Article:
“I don’t want to talk about this. All people see what happened here today.” If you hoped—outraged by an outcome you disagreed with, or hungering for something sweet in the bitterness of the defeated—that Vasiliy Lomachenko would protest his defeat to Devin Haney, you were left disappointed. For a day, at least.
Lomachenko swiftly declined that invitation to decry (while quite obviously revealing his indignation and encouraging all people to stoke theirs). Expecting further grace from a man minutes removed from a prizefight and its visceral fallout is like talk of what is best for boxing, both simple and boring.
First, a bit of the unassailable. In a sport where every point of contention, every moment of action, is subject to assault from members of the most sedentary generation in history, this much is ironclad: at the MGM Grand Garden Arena Saturday, Haney retained his lightweight championship with a close but unanimous decision win over Lomachenko. Even Lomachenko would concede that much is true. But if we were to talk about it, what did we see?
We certainly did not see a robbery. Little distinguished Haney from Lomachenko until the eleventh round, when Lomachenko put together enough offense to nearly imperil Haney, and the twelfth, when Haney disabused a pro-Lomachenko crowd of any hope that the champion was wilting. It was the kind of fight where who you think is winning is determined by who you are more closely watching—and who you are more closely watching is determined well before the first punch is thrown.
It was not, however, a fight particularly deserving of a rematch. Such a judgment is admittedly aesthetic, but so is the handwringing about scorecards, isn’t it? What became (unfortunately, not quite painfully) obvious well before the final bell was that neither Haney nor Lomachenko would violently remake the other. While the reasons are different—Haney’s size in one instance, his lack of power in the other—they are persistent. Better to let this unfinished business remain so and send both men into a ring with an opponent who offers fresh potential for the sudden.
What was evident is that Lomachenko now fights like a man in his mid-thirties. He cannot sustain his offense for an entire round, a reality that has done more than reduce his output: it has changed his demeanor. The arrogance that was as much an element of his style as his footwork is nowhere to be found. Lomachenko was once boxing’s premiere tormentor, master of the protracted beating and between-rounds stoppage, a fighter who sought humiliation as much as blood. But that fighter is no more. And before we too charitably offer the quality of his opposition or the limitations of his size as the explanation for this change, we should remember moments like the Richard Commey fight, where Lomachenko looked to coax a stoppage from referee Steve Willis rather than put Commey away, and the eleventh against Haney, where Lomachenko squandered the last minute of his strongest round. While he remains world-class, should Lomachenko wants the fights that confirm that distinction, he puts it at significant risk. There was a time when the Ukrainian’s gaudy amateur record and consecutive Olympic gold medals served as a warning and a marketing tool. Are they now part of a great hypothetical? What might he have accomplished had he turned professional earlier and managed more than 20 fights in ten years?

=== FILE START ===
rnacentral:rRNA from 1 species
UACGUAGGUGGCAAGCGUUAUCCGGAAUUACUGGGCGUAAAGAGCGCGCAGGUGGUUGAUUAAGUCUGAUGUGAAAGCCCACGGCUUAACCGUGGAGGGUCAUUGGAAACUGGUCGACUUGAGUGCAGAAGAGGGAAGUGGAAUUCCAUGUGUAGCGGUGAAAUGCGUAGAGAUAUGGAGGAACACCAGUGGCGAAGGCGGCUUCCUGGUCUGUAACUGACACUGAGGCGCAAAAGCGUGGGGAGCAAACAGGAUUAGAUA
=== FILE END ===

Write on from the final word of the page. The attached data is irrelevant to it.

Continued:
That question does not apply to Haney, who debuted in Mexico at age 16 and, at 24, already has a record of 30-0 (15). What he showed Saturday, what even those who would dispute his victory cannot deny, is that he belongs. Haney is somewhat unremarkable: he neither captivates nor quickens the pulse; the fighter who claims to have once knocked an opponent out of his boxing shoes now wins fights thirty-six minutes at a time.
But he had answers for Lomachenko and provided them without wielding the threat of unconsciousness. His right hand to the body never stole a breath from Lomachenko, never buckled a knee, but it won him rounds. And while Lomachenko managed to turn Haney, to slip his right foot outside Haney’s left and pivot into an advantage, Haney was often quick enough to meet him at that new angle. While this tactical response often resulted in clinches and wrestling, it is no meager feat to negate, even with intermittent success. your opponent’s preferred weapon. Haney could only fight Lomachenko with the tools he had, and what might be dull against an overmatched opponent is judged less harshly against a career sternest one. Haney will have his struggles against the very best at lightweight and junior welterweight (where his frame is begging him to go), but he wants the very best—and only they can beat him.
We saw graciousness and tears Saturday, too. And they are connected. They speak to an understanding of rare fortune, rare talent, and the price of both. The fighter who used his post-fight interview to express gratitude for those who made his career possible, from his father to the crowd who cheered him, is the same fighter who wept in his dressing room. In Money, Martin Amis writes that “Pain is nature’s way of telling us that something is wrong. Patiently, pain goes on telling us this, long after we’ve got the message.” Only Lomachenko understands what success has taken from him; only he understands how much he has left to give. Behind that merciful towel and raw knuckles was a man who’d already gotten the message, and who was being told it again.
We did not see the last of Lomachenko Saturday, but we may have seen the future overtake him for good. Fittingly then, we saw Shakur Stevenson in the ring last.